Canada's attitude to foreign investment has been a moving target. Nationalization was in vogue in the 1960s and 1970s amid growing concern that this country was rapidly ceding its economic sovereignty, mainly to the United States. Canada's response was to create the Foreign Investment Review Agency (FIRA) in 1974, whose job was to carefully vet takeovers to make sure they would provide "significant benefit" to the country. Canada also erected barriers to protect its banks, airlines and various cultural industries.
FIRA was despised in the business community and the Mulroney government replaced it with the current Investment Canada regime in 1985. The more obtuse "net benefit" test replaced the "significant benefit" language of FIRA.
For the past 25 years, Canada's door was essentially wide open. The federal government has reviewed more than 1,600 takeovers since 1985, rejecting just one - a bid in 2008 by U.S.-based Alliant Techsystems for Vancouver-based MacDonald Dettwiler & Associates Ltd.'s satellite and space businesses. And in that case, the rationale for saying no was "national security," not because it wouldn't benefit the country economically.
Until the Potash Corp. takeover came along, it looked like Ottawa was poised to open the door even further, not padlock it. The Harper government pledged in 2008 to implement many of the recommendations contained in a blue-ribbon panel that explored Canada's place in the world, chaired by former BCE Inc. boss Lynton (Red) Wilson. Mr. Wilson's Competition Policy Review Panel recommended knocking down key lingering barriers to foreign ownership in airlines and telecommunications, and raising the threshold for deals that require Investment Canada review to $1-billion (Canadian) from the current $299-million.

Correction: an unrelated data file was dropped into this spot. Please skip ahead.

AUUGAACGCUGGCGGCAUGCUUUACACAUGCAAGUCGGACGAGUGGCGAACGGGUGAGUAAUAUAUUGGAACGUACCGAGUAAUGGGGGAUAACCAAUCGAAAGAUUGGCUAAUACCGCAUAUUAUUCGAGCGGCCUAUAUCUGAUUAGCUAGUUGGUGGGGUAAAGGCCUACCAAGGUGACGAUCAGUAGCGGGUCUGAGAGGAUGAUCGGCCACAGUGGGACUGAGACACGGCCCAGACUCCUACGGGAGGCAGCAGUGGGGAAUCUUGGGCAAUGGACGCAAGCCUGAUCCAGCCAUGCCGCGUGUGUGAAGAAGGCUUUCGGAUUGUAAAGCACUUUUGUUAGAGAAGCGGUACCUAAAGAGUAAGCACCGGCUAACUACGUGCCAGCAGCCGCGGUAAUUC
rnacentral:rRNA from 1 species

Herb Gray, the former Liberal cabinet minister, spent much of his career worrying about how to ensure Canadians got the most out of foreign ownership. As a young minister in Pierre Trudeau's government, he authored the seminal 1972 report on foreign investment that led directly to the creation of FIRA. He later served as industry minister, overseeing the agency.
What troubles Mr. Gray now is that Canada isn't making sure its companies are treated the same way in foreign markets as it treats foreign companies here. "There isn't reciprocity with many countries," Mr. Gray says.
Tightening the rules, and turning foreign investors such as BHP Billiton away, could also could trigger a backlash from key trading partners.
Saving Potash Corp. might give some Canadians the "warm and fuzzies," Laval's Prof. Gordon said. But we'll all foot the bill because blocking foreign takeovers defies economic logic. Restricting takeovers, he said, invariably leads to higher prices, lower quality products, less competition and weaker management.
Even Mr. Robson of the C.D. Howe Institute said that while the string of recent takeovers has forced him to reflect on his open market beliefs, it hasn't changed his fundamental convictions. Strip away the emotion, he said, and blocking the Potash Corp. takeover remains a bad idea.
"Canadians behaving badly is no better than foreigners behaving badly," he said. "It really doesn't make sense to fixate on ownership."
Barrie McKenna is a member of the Globe and Mail's Ottawa bureau.